We often assume that policy and political decisions move fast and by instinct, while the research evidence moves slow. Yet policy makers are under constant pressure to mange the agenda they have promised to implement. How does that fit with the time required to generate empirical evidence to inform the policies they put in place?
I thought about this while I was in Indonesia recently, doing a study on community resilience to natural disaster, and it reminded me of something I read few years ago about of the experience of Scandinavia with the creation of welfare systems that are seen as models the world over.
Indonesia’s economy has been growing fast for the last twelve years. In 2000 the economy grew 4.8%. In 2010, the annual growth rate was 6.1%, the same in 2012. Economic growth and development are making the Indonesia citizens better off and, at the same time, are creating an unprecedented demand for welfare entitlements such as unemployment benefits, public pensions, and health insurance, which the Government of Indonesia has to address.
In October 2012 the government passed a new law pledging to provide health insurance to its 240 million citizens from January 2014. If put in place, it will be the biggest single-payer health system in the world (Economist). At the moment it is unclear how the system will be paid for, but 2014 is also the year of the next presidential elections and social welfare promises can win many votes.
According to the Economist, the increase in the demand for welfare entitlements (and better public services) in Indonesia during the last 20 years is linked to three issues: 1) Changes in the Asian development model, previously reliant on welfare from traditional, tightly knit families, as women slowly acquire more autonomy ; 2) the Asian financial crisis that in 1997 and 1998 made government realize that they could not abandon to their fate millions of citizens who lost their jobs; 3) The erosion of authoritarian regimes (e.g. Suharto in Indonesia or Marcos in the Philippines) and with them rulers who could afford to show no interest in the welfare reforms their citizens were asking for.
Indonesia is at the beginning of the process of laying down a welfare state: other countries have followed this path years before. The creation of a welfare system in Scandinavia dates back to the 1870s, prompted by the social demands for access to education, unemployment benefits, technical training, free health care, and support in the old age, similar to the questions that Indonesian citizens pose their government today.
In a paper titled The Developmental of the Welfare State in Scandinavia. Lessons for the Developing World, Kuhnle and Hort show that Sweden was the first country to introduce social insurance schemes, although with partial coverage, in 1913. What is interesting, from the point of view of the use of evidence and research into policy, is that before launching social welfare polices and funding them, the Swedish state built and reinforced the systems and processes required to collect and analyse social data that would then inform its welfare policies. In other words, the production of public and official statistics was firmly institutionalized. As a result, the capacity to collect data increased significantly in the late half of the XIX century in Sweden and the other Scandinavian countries that pursued similar policies.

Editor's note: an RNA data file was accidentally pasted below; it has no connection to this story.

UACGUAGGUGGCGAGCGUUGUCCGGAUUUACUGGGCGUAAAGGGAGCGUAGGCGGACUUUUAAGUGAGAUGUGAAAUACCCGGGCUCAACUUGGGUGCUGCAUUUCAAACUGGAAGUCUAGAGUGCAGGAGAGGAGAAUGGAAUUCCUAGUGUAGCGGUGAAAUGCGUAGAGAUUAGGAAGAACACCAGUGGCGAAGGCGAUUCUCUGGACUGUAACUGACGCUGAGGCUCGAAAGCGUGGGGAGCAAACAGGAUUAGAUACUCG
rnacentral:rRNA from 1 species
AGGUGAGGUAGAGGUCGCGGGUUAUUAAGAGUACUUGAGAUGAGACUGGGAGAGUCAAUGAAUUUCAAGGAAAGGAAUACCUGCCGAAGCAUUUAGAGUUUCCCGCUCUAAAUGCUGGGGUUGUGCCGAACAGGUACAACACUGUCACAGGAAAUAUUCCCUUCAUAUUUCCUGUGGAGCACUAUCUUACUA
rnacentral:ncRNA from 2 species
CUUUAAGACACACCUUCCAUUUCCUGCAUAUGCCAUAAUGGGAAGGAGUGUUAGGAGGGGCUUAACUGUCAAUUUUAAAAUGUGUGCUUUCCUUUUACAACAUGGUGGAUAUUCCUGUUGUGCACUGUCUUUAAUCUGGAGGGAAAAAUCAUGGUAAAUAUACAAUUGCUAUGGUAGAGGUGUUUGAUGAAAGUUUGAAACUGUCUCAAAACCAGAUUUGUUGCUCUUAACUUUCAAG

What can we learn from these experiences?
Frist, without data and without a statistical basis, social insurance polices are unlikely to work. Second, state awareness about the importance of research-evidence and the ability to provide statistics are key to the design of new welfare policies. Third, research and data informed the design of welfare policies which were initially modest and limited and were gradually extended.
What about Indonesia? Is the growing demand for social welfare matched by an increased attentiveness about the importance of data and research-evidence to inform policy decisions? Not yet.
A paper by Greta Nielsen argues that Indonesia appears to be suffering from stagnation in this regard as the government is dissatisfied with the quality or applicability of research to policy making. Petrarca Karetji in his Overview of the Knowledge Sector in Indonesia mentions that the country does not lack knowledge sector institutions and structures. The deficit lies in effective collaboration between stakeholders, a problem stemming from Indonesia’s decades of authoritarian government, when the state did not help develop a policy and funding framework to support high quality social science research. I agree with Oey-Gardiner and Sejahtera’s suggestion that the government ‘…takes the driver’s seat and allocates significant resources to develop and allow a knowledge sector to become a significant source for social and economic improvements in society.’
I think that Indonesia requires an (endogenous) big push to strengthen and institutionalize the use of research and data analysis for the design and implementation of public policies. This will be a crucial factor in determining the success of the welfare policies that the government is currently designing.